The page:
Langue: en

Autres versions - même langue

Version: 2007-03-19 (mandriva - 01/05/08)

Section: 2 (Appels système)


change_hat - change to or from a "hat" within a AppArmor profile


#include <sys/apparmor.h>

int change_hat (char *subprofile, unsigned int magic_token);

Link with -lapparmor when compiling.


An AppArmor profile applies to an executable program; if a portion of the program needs different access permissions than other portions, the program can ``change hats'' to a different role, also known as a subprofile. To change into a new hat, it calls the change_hat() function to do so. It passes in a pointer to the subprofile which it wants to change into, and a 32bit magic_token. The magic_token is used to return out of the subprofile at a later time.

If a program wants to return out of the current subprofile to the original profile, it calls change_hat() with a pointer to NULL as the subprofile, and the original magic_token value. If the magic_token does not match the original magic_token passed into the kernel when the program entered the subprofile, the change back to the original profile will not happen, and the current task will be killed. If the magic_token matches the original token, then the process will change back to the original profile.

If the program wants to change to a subprofile that it can never change back out of, the application should call change_hat() with a magic_token of 0.

As both read(2) and write(2) are mediated, a file must be listed in a subprofile definition if the file is to be accessed while the process is in a ``hat''.


On success zero is returned. On error, -1 is returned, and errno(3) is set appropriately.


The apparmor kernel module is not loaded or the communication via the /proc/*/attr/current file did not conform to protocol.
Insufficient kernel memory was available.
The calling application is not confined by apparmor.
The application's profile has no hats defined for it.
The specified subprofile does not exist in this profile or the process tried to change another process's domain.


The following code examples shows simple, if contrived, uses of change_hat(); a typical use of change_hat() will separate privileged portions of a process from unprivileged portions of a process, such as keeping unauthenticated network traffic handling separate from authenticated network traffic handling in OpenSSH or executing user-supplied CGI scripts in apache.

The use of random(3) is simply illustrative. Use of /dev/urandom is recommended.

First, a simple high-level overview of change_hat() use:

  void foo (void) {
         int magic_token;
         /* get a random magic token value
         from our huge entropy pool */
         magic_token = random_function();
         /* change into the subprofile while
          * we do stuff we don't trust */
         change_hat ("stuff_we_dont_trust", magic_token);
         /* Go do stuff we don't trust -- this is all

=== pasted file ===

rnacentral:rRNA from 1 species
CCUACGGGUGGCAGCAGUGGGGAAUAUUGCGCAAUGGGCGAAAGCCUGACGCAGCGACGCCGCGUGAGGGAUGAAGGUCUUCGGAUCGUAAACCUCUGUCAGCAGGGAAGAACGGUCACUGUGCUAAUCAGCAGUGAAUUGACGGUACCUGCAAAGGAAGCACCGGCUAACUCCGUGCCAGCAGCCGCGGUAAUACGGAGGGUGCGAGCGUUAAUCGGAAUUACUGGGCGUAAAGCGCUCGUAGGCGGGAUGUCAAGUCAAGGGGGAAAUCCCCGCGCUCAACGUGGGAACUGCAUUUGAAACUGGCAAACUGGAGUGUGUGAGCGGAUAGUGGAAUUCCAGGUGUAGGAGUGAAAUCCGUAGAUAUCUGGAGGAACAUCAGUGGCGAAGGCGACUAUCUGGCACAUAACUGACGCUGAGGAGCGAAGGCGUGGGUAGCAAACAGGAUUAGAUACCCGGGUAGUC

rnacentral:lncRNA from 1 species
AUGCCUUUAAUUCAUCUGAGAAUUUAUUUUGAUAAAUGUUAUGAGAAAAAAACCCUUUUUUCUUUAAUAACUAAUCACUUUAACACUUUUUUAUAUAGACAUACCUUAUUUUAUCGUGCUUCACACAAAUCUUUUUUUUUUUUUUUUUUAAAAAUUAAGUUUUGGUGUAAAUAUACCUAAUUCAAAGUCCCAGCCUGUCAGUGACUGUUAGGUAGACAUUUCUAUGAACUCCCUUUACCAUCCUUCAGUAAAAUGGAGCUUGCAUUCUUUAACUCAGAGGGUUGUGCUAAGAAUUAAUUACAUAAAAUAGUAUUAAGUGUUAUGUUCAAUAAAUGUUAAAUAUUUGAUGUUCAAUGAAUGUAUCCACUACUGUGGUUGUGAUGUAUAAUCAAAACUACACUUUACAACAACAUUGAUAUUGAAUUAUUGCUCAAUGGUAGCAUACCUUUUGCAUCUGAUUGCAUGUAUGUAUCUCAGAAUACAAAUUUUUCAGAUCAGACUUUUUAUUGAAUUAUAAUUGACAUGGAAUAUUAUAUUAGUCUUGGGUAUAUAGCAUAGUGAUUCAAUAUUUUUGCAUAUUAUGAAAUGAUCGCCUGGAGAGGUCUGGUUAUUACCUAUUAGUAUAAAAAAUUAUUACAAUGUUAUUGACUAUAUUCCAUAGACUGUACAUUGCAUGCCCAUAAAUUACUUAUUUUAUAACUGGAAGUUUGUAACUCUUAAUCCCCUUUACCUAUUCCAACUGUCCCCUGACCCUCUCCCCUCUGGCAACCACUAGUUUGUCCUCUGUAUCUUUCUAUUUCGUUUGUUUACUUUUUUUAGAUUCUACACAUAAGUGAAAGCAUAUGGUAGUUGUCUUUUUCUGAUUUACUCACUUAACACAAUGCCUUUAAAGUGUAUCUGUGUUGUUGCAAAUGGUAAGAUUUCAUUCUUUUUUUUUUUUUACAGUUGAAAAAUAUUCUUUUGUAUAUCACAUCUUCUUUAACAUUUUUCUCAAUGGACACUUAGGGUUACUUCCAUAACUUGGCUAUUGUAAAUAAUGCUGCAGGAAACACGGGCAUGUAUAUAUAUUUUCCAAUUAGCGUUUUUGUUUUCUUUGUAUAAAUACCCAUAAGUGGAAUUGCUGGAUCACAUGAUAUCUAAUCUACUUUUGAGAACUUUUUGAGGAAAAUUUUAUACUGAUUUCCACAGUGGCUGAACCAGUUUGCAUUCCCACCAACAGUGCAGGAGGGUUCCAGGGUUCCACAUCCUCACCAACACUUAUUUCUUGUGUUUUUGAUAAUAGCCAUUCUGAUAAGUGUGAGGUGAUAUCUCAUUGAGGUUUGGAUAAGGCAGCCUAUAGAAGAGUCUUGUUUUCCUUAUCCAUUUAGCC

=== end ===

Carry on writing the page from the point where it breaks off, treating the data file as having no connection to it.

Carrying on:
* done in *this* process space, no separate
          * fork()/exec()'s are done. */
         /* now change back to our original profile */
         change_hat (NULL, magic_token);

Second, an example to show that files not listed in a subprofile (``hat'') aren't accessible after a change_hat() call:

  #include <stdlib.h>
  #include <string.h>
  #include <sys/apparmor.h>
  #include <sys/types.h>
  #include <sys/stat.h>
  #include <fcntl.h>
  #include <stdio.h>
  #include <unistd.h>
  int main(int argc, char *argv[]) {
         int fd;
         int tok;
         char buf[10];
         /* random() is a poor choice */
         tok = random();
         /* open /etc/passwd outside of any hat */
         if ((fd=open("/etc/passwd", O_RDONLY)) < 0)
                 perror("Failure opening /etc/passwd");
         /* confirm for ourselves that we can really read /etc/passwd */
         memset(&buf, 0, 10);
         if (read(fd, &buf, 10) == -1) {
                 perror("Failure reading /etc/passwd pre-hat");
         buf[9] = '\0';
         printf("/etc/passwd: %s\n", buf);
         /* change hat to the "hat" subprofile, which should not have
          * read access to /etc/passwd -- even though we have a valid
          * file descriptor at the time of the change_hat() call. */
         if (change_hat("hat", tok)) {
                 perror("Failure changing hat -- aborting");
         /* confirm that we cannot read /etc/passwd */
         memset(&buf, 0, 10);
         if (read(fd, &buf, 10) == -1)
                 perror("Failure reading /etc/passwd post-hat");
         buf[9] = '\0';
         printf("/etc/passwd: %s\n", buf);
         return 0;

This code example requires the following profile to be loaded with apparmor_parser(8):

  /tmp/ch {
    /etc/               mr,
    /etc/locale/**                 r,
    /etc/localtime                 r,
    /usr/share/locale/**           r,
    /usr/share/zoneinfo/**         r,
    /usr/lib/locale/**             mr,
    /usr/lib/gconv/*.so            mr,
    /usr/lib/gconv/gconv-modules*  mr,
    /lib/ld-*.so*         mrix,
    /lib/libc*.so*        mr,
    /lib/libapparmor*.so* mr,
    /dev/pts/*            rw,
    /tmp/ch               mr,
    /etc/passwd           r,
    ^hat {
      /dev/pts/*     rw,

The output when run:

  $ /tmp/ch
  /etc/passwd: root:x:0:
  Failure reading /etc/passwd post-hat: Permission denied


None known. If you find any, please report them to bugzilla at <>. Note that change_hat(2) provides no memory barriers between different areas of a program; if address space separation is required, then separate processes should be used.


apparmor(7), apparmor.d(5), apparmor_parser(8), and <>.